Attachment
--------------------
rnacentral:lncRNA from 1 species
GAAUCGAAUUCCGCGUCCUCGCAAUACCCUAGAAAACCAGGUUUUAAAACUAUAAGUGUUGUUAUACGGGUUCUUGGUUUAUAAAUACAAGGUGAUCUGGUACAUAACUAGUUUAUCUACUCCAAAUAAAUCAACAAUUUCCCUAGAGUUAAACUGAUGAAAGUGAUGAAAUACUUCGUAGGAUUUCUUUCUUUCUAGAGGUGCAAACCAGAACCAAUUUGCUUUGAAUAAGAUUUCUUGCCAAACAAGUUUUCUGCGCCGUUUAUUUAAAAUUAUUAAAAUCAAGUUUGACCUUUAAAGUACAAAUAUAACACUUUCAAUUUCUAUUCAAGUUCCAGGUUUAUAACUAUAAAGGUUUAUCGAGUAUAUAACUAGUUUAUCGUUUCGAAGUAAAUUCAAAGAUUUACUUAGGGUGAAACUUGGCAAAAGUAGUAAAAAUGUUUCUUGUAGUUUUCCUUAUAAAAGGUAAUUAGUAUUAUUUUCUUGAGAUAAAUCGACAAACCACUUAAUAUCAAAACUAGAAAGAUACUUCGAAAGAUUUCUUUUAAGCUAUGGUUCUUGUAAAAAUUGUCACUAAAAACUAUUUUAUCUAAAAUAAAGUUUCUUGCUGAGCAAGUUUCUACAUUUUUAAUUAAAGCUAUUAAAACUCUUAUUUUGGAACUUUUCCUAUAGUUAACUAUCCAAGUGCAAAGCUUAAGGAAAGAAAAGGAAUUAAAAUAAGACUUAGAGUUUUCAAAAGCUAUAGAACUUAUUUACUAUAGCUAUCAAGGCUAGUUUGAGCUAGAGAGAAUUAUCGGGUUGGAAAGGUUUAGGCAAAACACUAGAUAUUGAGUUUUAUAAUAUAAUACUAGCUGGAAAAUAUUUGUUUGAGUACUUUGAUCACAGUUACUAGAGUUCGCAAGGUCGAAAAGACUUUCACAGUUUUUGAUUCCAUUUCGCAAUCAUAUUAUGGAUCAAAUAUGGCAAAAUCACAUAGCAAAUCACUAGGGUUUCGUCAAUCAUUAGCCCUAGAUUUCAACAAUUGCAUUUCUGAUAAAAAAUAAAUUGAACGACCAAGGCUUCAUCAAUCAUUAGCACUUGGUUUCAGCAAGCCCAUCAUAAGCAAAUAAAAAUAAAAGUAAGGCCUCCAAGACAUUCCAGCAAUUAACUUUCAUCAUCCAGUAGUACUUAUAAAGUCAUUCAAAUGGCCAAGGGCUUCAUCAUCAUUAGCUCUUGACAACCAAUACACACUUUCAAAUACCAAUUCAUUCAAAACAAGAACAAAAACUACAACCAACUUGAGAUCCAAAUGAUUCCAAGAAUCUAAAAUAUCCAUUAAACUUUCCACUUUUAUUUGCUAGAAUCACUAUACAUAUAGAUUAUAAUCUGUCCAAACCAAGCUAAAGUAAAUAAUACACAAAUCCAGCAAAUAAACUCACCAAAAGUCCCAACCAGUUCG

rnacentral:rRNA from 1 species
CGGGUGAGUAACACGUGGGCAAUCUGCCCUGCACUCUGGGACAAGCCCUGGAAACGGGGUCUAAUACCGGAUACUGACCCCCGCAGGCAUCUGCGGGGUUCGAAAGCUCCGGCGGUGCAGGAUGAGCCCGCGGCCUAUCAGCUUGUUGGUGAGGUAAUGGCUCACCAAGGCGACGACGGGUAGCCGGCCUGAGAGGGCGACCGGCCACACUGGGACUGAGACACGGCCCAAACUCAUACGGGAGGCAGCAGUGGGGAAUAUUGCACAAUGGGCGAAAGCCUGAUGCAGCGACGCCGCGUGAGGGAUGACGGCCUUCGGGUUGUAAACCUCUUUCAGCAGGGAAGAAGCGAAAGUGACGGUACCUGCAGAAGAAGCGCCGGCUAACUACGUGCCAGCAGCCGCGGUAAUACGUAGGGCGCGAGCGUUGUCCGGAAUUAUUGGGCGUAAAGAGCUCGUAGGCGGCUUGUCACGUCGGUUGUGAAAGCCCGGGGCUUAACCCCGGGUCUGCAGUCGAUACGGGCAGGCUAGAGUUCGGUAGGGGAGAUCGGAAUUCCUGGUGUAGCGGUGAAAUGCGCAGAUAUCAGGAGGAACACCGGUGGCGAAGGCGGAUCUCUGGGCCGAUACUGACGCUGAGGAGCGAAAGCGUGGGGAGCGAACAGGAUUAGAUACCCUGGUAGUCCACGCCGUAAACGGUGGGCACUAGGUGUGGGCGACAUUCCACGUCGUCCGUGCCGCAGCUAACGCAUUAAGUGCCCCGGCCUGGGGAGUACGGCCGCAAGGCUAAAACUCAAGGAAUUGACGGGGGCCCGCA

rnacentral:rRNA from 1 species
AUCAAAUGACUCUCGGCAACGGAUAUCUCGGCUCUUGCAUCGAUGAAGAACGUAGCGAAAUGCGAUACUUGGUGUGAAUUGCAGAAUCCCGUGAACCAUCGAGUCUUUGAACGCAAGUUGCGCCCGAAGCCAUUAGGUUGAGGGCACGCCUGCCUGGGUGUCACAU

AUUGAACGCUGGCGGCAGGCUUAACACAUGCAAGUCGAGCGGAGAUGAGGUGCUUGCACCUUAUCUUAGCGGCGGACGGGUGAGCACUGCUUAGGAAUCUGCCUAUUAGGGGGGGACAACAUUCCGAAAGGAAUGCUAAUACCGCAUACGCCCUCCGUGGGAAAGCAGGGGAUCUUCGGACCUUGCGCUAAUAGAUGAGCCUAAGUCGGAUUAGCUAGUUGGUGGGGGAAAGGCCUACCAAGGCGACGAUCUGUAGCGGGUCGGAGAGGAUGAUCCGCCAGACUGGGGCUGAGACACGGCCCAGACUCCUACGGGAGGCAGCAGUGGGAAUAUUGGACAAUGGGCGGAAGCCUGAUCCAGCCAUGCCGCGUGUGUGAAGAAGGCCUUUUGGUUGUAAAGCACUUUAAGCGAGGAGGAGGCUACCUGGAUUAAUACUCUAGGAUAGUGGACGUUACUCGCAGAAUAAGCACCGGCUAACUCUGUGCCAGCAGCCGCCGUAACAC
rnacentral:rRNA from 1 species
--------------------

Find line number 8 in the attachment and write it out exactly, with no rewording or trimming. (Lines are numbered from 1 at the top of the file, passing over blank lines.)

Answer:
rnacentral:rRNA from 1 species